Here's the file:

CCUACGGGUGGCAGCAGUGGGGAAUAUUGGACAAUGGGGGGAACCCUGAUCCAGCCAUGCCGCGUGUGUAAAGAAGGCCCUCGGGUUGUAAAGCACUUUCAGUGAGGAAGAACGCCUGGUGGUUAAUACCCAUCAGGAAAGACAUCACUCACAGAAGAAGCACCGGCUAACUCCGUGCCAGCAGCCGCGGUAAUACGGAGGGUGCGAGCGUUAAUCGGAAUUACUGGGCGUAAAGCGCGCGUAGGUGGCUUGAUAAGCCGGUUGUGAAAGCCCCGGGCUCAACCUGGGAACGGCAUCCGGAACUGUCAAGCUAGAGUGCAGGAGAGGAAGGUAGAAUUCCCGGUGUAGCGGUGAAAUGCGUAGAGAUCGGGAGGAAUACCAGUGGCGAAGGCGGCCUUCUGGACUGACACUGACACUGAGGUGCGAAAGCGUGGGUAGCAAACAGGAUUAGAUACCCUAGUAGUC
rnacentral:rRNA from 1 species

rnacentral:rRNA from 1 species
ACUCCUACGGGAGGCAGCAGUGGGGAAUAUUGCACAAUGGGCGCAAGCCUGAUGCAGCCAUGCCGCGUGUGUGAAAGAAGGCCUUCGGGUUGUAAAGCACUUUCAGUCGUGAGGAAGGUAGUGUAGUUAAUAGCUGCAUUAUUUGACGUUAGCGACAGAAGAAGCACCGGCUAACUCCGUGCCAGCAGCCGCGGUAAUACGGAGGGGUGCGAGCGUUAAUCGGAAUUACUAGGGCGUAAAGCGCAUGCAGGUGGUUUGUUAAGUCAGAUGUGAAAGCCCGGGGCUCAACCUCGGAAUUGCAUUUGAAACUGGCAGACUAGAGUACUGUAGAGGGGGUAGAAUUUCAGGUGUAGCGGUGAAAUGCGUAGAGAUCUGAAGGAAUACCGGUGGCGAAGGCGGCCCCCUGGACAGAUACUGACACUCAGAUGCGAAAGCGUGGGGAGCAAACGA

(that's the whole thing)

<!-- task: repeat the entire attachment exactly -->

CCUACGGGUGGCAGCAGUGGGGAAUAUUGGACAAUGGGGGGAACCCUGAUCCAGCCAUGCCGCGUGUGUAAAGAAGGCCCUCGGGUUGUAAAGCACUUUCAGUGAGGAAGAACGCCUGGUGGUUAAUACCCAUCAGGAAAGACAUCACUCACAGAAGAAGCACCGGCUAACUCCGUGCCAGCAGCCGCGGUAAUACGGAGGGUGCGAGCGUUAAUCGGAAUUACUGGGCGUAAAGCGCGCGUAGGUGGCUUGAUAAGCCGGUUGUGAAAGCCCCGGGCUCAACCUGGGAACGGCAUCCGGAACUGUCAAGCUAGAGUGCAGGAGAGGAAGGUAGAAUUCCCGGUGUAGCGGUGAAAUGCGUAGAGAUCGGGAGGAAUACCAGUGGCGAAGGCGGCCUUCUGGACUGACACUGACACUGAGGUGCGAAAGCGUGGGUAGCAAACAGGAUUAGAUACCCUAGUAGUC
rnacentral:rRNA from 1 species

rnacentral:rRNA from 1 species
ACUCCUACGGGAGGCAGCAGUGGGGAAUAUUGCACAAUGGGCGCAAGCCUGAUGCAGCCAUGCCGCGUGUGUGAAAGAAGGCCUUCGGGUUGUAAAGCACUUUCAGUCGUGAGGAAGGUAGUGUAGUUAAUAGCUGCAUUAUUUGACGUUAGCGACAGAAGAAGCACCGGCUAACUCCGUGCCAGCAGCCGCGGUAAUACGGAGGGGUGCGAGCGUUAAUCGGAAUUACUAGGGCGUAAAGCGCAUGCAGGUGGUUUGUUAAGUCAGAUGUGAAAGCCCGGGGCUCAACCUCGGAAUUGCAUUUGAAACUGGCAGACUAGAGUACUGUAGAGGGGGUAGAAUUUCAGGUGUAGCGGUGAAAUGCGUAGAGAUCUGAAGGAAUACCGGUGGCGAAGGCGGCCCCCUGGACAGAUACUGACACUCAGAUGCGAAAGCGUGGGGAGCAAACGA